Writing goals down and sharing your goals with select people has been widely publicized for years as integral elements to goal achievement. But without the correct mindset, as you take on the tasks to achieve your goals, all your efforts of documenting and sharing may fall by the wayside. What you think about while doing the tasks that will lead to your goal can have an enormous impact on your chances for success.
In the book Ultra Mindset, Travis Macy highlights research into goal achievement from social psychologist Heidi Grant Halvorson Ph.D. Grant suggests there are two main types of thinking you need to be more effective at for completing goal oriented tasks, be it challenging or monotonous.
Thinking of your goals in WHY and WHAT terms will help you be more successful in achieving them.
When performing mindless, boring tasks, which don’t require much focus, think in ‘WHY’ terms. Keeping your attention on WHY you want to achieve the goal will help get you energized, stay motivated, or avoid temptation.
The next time you are out for a walk in the cold or heat, raking leaves, filing paperwork, doing data entry and your motivation to continue starts to wane, focus your thinking on WHY you are doing it.
I remember when I did my first Ironman. The day before the race, they had some guest speakers at the expo. One of the speakers was a world-class triathlon coach and he told the audience that we better know our WHY for wanting to complete the Ironman.He went on to say that there would be several times during the day (10-14 hours for most people) that we will ask ourselves WHY we are doing this and if we didn’t have a clear-cut easy answer, there is a high chance that we would quit the race.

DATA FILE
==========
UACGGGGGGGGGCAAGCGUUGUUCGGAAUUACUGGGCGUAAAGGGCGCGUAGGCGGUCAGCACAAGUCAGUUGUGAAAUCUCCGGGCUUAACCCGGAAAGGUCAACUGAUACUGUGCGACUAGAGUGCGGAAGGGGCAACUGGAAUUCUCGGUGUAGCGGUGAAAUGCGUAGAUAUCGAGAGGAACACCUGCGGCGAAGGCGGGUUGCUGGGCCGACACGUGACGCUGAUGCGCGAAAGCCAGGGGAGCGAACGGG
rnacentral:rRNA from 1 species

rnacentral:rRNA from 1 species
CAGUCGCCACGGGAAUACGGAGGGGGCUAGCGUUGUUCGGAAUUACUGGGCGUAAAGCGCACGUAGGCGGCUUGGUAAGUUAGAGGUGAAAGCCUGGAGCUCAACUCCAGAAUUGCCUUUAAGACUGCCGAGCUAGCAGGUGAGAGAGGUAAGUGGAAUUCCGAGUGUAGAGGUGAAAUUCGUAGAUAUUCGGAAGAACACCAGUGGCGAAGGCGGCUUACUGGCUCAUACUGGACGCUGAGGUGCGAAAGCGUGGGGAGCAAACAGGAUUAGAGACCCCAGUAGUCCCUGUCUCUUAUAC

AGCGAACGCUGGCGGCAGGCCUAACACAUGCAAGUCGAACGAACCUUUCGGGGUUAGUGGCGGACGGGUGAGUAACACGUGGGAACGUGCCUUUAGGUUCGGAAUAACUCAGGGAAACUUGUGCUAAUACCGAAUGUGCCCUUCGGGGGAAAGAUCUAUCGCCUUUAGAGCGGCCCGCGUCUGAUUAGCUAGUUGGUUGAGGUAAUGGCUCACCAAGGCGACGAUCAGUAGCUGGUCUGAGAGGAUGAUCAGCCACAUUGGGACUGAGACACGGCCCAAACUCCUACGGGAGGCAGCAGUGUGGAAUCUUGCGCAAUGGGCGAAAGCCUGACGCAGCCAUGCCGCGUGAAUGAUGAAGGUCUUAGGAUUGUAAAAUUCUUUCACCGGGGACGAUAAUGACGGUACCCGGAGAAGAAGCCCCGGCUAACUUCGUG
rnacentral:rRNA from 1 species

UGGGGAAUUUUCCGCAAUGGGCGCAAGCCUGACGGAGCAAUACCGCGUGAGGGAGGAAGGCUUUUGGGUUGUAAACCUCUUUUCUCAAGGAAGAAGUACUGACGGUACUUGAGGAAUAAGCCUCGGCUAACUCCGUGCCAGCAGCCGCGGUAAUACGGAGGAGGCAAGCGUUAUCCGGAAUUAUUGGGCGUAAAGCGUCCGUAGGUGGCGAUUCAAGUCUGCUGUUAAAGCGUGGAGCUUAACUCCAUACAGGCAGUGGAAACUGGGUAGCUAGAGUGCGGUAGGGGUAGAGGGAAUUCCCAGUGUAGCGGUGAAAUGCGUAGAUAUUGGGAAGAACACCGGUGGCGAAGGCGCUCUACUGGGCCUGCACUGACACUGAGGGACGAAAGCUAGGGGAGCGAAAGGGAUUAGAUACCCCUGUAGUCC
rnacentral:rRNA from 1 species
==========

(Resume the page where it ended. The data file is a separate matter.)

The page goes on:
If we spent the day focusing on WHAT we were doing (swimming, biking and running), which for much of the time is not enjoyable, our thinking would have shifted to, this is boring, I am tired, or I don’t want to do this anymore. Fortunately, I had a clear-cut answer ready but it was a good reminder to keep thinking about my WHY throughout the day, especially in tough moments.
For you it may be when these reports are submitted, I will be paid, or when these leaves get racked up, the lawn will look nice, or when I book all these appointments, I will greatly increase my chances of making a sale.
When tackling something particularly difficult and unfamiliar or anything that takes a long time to learn, it is important to think about your goals in WHAT terms. Directing your thinking on the WHAT allows you to focus on the steps needed to complete a take in order to solve the problem or fully complete that task.
In the book, Macy shares an example of a time when competing in a multisport adventure race, they were they transiting from biking to kayaking. In their rush for a quick transition, they focused on the WHY, i.e. move fast so we can win, when they needed to be focusing on the WHAT.
Methodically pack up the kayaks so there is an even distribution of equipment, weight and most importantly leave the map out on the deck of the kayak, as the navigation would be challenging. In their focus on the WHY, they hastily packed their kayak and accidently stuffed the map into one of the hard to reach cargo holds.
They didn’t realize this mistake until they were hours past the finish location of the kayak section. Backtracking caused them to lose valuable time and ended up costing them the race. When they should have been thinking about what they were doing, they were thinking about why.
Action: Become aware of which type of thinking to use when. To practice this write a list or situations for WHAT thinking (detail oriented talks), List situations for Why thinking (common boring, drawn-out tasks).